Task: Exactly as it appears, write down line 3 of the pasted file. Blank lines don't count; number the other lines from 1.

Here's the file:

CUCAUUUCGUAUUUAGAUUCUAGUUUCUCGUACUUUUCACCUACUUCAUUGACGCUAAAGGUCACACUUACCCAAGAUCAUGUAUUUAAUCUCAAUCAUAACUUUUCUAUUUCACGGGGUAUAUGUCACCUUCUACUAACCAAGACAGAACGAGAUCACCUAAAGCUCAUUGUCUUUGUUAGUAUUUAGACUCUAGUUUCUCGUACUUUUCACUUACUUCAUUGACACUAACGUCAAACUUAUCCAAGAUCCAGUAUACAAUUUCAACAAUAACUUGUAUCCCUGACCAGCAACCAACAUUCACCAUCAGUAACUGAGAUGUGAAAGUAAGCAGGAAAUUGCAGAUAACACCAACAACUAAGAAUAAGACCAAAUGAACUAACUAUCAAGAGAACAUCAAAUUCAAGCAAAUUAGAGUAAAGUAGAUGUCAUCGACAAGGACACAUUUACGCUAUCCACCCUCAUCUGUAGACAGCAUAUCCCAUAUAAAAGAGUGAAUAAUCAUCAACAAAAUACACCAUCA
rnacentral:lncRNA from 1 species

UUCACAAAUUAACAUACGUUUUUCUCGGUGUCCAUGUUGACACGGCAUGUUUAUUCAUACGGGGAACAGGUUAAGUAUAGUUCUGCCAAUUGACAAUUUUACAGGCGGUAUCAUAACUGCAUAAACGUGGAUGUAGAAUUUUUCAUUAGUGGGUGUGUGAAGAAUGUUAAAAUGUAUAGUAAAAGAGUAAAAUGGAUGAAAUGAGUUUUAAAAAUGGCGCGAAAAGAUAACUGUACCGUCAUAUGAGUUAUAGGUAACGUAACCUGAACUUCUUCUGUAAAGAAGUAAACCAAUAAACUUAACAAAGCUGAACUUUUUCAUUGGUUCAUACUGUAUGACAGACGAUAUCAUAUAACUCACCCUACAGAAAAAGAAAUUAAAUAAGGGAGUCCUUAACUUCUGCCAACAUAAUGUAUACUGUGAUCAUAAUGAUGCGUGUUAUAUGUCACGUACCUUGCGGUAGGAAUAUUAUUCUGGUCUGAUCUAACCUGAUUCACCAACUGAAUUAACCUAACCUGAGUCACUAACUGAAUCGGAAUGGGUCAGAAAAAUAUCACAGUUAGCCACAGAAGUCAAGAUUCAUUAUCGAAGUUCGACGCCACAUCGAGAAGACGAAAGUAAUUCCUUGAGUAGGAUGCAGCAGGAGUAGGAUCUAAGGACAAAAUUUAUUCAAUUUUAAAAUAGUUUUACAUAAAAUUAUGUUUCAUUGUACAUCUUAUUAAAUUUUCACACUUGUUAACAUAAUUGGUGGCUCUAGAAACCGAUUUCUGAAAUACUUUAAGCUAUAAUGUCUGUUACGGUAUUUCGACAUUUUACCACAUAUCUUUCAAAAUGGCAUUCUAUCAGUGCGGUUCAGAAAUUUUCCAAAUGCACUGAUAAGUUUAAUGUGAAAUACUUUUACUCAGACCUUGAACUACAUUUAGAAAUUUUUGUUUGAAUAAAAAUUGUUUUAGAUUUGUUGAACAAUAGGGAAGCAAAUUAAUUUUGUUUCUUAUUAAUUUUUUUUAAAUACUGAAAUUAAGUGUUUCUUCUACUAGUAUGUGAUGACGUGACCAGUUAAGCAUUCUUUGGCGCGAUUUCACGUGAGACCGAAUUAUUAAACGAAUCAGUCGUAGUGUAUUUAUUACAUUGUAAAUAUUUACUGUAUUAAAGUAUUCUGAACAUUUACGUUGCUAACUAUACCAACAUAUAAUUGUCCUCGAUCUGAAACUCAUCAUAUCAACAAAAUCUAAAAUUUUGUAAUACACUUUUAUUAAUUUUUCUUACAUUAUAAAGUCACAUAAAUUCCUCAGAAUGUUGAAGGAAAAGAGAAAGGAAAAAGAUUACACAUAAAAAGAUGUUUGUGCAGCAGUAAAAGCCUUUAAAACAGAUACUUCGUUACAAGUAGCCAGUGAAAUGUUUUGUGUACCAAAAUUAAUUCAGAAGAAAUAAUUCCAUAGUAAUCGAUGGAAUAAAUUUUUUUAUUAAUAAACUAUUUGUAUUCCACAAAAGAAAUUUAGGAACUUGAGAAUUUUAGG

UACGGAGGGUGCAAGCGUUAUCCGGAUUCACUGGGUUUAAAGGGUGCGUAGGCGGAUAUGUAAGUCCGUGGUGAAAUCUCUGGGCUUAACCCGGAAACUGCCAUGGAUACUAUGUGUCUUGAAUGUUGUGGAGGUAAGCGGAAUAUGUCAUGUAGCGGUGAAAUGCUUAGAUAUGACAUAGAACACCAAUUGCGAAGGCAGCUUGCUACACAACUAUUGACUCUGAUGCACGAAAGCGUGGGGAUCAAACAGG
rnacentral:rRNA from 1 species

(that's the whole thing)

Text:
UUCACAAAUUAACAUACGUUUUUCUCGGUGUCCAUGUUGACACGGCAUGUUUAUUCAUACGGGGAACAGGUUAAGUAUAGUUCUGCCAAUUGACAAUUUUACAGGCGGUAUCAUAACUGCAUAAACGUGGAUGUAGAAUUUUUCAUUAGUGGGUGUGUGAAGAAUGUUAAAAUGUAUAGUAAAAGAGUAAAAUGGAUGAAAUGAGUUUUAAAAAUGGCGCGAAAAGAUAACUGUACCGUCAUAUGAGUUAUAGGUAACGUAACCUGAACUUCUUCUGUAAAGAAGUAAACCAAUAAACUUAACAAAGCUGAACUUUUUCAUUGGUUCAUACUGUAUGACAGACGAUAUCAUAUAACUCACCCUACAGAAAAAGAAAUUAAAUAAGGGAGUCCUUAACUUCUGCCAACAUAAUGUAUACUGUGAUCAUAAUGAUGCGUGUUAUAUGUCACGUACCUUGCGGUAGGAAUAUUAUUCUGGUCUGAUCUAACCUGAUUCACCAACUGAAUUAACCUAACCUGAGUCACUAACUGAAUCGGAAUGGGUCAGAAAAAUAUCACAGUUAGCCACAGAAGUCAAGAUUCAUUAUCGAAGUUCGACGCCACAUCGAGAAGACGAAAGUAAUUCCUUGAGUAGGAUGCAGCAGGAGUAGGAUCUAAGGACAAAAUUUAUUCAAUUUUAAAAUAGUUUUACAUAAAAUUAUGUUUCAUUGUACAUCUUAUUAAAUUUUCACACUUGUUAACAUAAUUGGUGGCUCUAGAAACCGAUUUCUGAAAUACUUUAAGCUAUAAUGUCUGUUACGGUAUUUCGACAUUUUACCACAUAUCUUUCAAAAUGGCAUUCUAUCAGUGCGGUUCAGAAAUUUUCCAAAUGCACUGAUAAGUUUAAUGUGAAAUACUUUUACUCAGACCUUGAACUACAUUUAGAAAUUUUUGUUUGAAUAAAAAUUGUUUUAGAUUUGUUGAACAAUAGGGAAGCAAAUUAAUUUUGUUUCUUAUUAAUUUUUUUUAAAUACUGAAAUUAAGUGUUUCUUCUACUAGUAUGUGAUGACGUGACCAGUUAAGCAUUCUUUGGCGCGAUUUCACGUGAGACCGAAUUAUUAAACGAAUCAGUCGUAGUGUAUUUAUUACAUUGUAAAUAUUUACUGUAUUAAAGUAUUCUGAACAUUUACGUUGCUAACUAUACCAACAUAUAAUUGUCCUCGAUCUGAAACUCAUCAUAUCAACAAAAUCUAAAAUUUUGUAAUACACUUUUAUUAAUUUUUCUUACAUUAUAAAGUCACAUAAAUUCCUCAGAAUGUUGAAGGAAAAGAGAAAGGAAAAAGAUUACACAUAAAAAGAUGUUUGUGCAGCAGUAAAAGCCUUUAAAACAGAUACUUCGUUACAAGUAGCCAGUGAAAUGUUUUGUGUACCAAAAUUAAUUCAGAAGAAAUAAUUCCAUAGUAAUCGAUGGAAUAAAUUUUUUUAUUAAUAAACUAUUUGUAUUCCACAAAAGAAAUUUAGGAACUUGAGAAUUUUAGG